Laura Flaxman, Robert Curtis, and Arun Ramanathan recently wrote: “In An Everyone Culture: Becoming a Deliberately Developmental Organization, Kegan, Lahey, and their co-authors… identified the key features of… organizational cultures and placed them into three interlocking categories: Home: a sense of community and trust; Edge: the challenge, development, and growth every employee needs to succeed; and Groove: the everyday practices, rituals, systems, and routines baked into the life of an organization.” Communities of practice address all three.
Every person in a school and district, whether a young person or an adult, needs a home base that serves as a place for shared passions about the work, a community and relationships that create a safe and trusting place for learning, and a place to develop and iterate their knowledge and practice together with others. Communities of practice have stable rituals and routines that support these needs. In these highly collaborative settings, people develop, iterate, and improve their practice. Recent writing by Etienne and Beverly Wenger-Trayner about what they are now calling “social learning spaces” defines these spaces in this way:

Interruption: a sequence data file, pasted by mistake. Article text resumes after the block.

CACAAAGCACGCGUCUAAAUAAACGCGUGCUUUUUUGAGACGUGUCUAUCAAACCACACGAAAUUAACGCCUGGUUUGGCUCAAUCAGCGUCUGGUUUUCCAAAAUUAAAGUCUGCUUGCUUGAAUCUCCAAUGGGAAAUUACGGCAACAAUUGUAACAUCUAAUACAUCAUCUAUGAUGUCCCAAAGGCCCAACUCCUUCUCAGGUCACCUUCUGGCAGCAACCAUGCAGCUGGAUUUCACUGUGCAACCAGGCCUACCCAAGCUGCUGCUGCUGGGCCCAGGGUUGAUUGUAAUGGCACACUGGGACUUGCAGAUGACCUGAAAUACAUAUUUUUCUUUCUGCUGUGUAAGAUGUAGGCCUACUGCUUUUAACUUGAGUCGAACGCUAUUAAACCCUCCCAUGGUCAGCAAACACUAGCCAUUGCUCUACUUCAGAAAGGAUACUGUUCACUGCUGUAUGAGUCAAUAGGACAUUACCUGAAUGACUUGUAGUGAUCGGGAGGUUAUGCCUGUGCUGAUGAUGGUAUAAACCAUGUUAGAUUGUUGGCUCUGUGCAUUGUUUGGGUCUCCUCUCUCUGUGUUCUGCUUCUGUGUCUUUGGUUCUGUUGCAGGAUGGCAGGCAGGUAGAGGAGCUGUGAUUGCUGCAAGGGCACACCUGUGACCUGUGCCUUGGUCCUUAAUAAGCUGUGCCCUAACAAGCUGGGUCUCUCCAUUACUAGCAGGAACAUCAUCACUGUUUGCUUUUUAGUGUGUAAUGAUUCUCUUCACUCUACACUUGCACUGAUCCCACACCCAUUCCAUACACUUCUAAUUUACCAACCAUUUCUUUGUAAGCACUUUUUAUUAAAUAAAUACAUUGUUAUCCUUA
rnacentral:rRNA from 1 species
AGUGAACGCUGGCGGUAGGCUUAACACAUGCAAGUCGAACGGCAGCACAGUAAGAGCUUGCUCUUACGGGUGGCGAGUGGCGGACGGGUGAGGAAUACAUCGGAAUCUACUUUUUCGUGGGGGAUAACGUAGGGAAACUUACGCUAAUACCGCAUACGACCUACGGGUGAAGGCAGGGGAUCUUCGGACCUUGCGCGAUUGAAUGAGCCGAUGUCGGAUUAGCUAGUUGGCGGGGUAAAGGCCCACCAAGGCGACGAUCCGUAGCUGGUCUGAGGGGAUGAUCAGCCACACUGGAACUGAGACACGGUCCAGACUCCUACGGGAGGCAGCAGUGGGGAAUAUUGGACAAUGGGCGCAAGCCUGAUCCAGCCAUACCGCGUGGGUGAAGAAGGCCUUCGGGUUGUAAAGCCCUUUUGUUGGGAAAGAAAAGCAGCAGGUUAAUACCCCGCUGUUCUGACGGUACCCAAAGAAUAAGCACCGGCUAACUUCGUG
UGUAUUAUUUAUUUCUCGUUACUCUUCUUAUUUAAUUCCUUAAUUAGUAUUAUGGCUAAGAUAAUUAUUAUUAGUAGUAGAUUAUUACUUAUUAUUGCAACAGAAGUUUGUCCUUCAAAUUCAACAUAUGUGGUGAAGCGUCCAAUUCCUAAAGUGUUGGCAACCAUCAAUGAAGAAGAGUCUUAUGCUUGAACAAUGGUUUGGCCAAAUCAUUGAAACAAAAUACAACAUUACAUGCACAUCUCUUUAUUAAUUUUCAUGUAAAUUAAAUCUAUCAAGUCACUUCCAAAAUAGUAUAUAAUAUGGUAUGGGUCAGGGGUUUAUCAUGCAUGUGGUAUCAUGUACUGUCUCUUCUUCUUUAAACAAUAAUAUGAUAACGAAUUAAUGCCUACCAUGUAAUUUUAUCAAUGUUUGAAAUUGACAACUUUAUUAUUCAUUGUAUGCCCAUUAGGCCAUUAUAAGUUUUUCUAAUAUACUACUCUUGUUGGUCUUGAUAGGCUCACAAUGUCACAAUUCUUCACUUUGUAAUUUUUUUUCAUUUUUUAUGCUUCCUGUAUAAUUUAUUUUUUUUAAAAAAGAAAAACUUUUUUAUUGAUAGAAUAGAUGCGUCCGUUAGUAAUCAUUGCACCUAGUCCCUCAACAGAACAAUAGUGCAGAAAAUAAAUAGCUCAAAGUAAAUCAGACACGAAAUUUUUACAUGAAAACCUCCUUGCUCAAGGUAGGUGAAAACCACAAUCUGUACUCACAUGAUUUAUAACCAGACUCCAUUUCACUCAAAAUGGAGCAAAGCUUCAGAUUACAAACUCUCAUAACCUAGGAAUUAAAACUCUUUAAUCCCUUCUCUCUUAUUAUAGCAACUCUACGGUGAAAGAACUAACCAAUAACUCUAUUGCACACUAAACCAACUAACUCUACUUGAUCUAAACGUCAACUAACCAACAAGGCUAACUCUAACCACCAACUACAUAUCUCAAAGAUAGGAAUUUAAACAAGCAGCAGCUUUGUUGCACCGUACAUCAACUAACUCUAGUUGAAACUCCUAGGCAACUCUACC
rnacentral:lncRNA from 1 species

“a particular experience of engagement that takes place among people in pursuit of learning to make a difference… The term social reflects the centrality of relationships and interactions among people…. structured by a desire to push a joint inquiry together…. [in] a specific ‘enclosure of engagement’…. Their participation is not perfunctory or merely compliant but driven by their need to get better at making that difference… Participants engage with each other at the leading edge of their knowing how to make that difference…. [T]hey engage their uncertainty in the social learning space.”
Wenger-Trayner continue, “Viewing learning as value creation…. places the emphasis of learning on learners caring to make a difference rather than on knowledge, skill, or curriculum as commodities. It shifts the perspective from the inert to the living…. Learning to make a difference has to go through practice, where social learning reveals the value it creates through action.”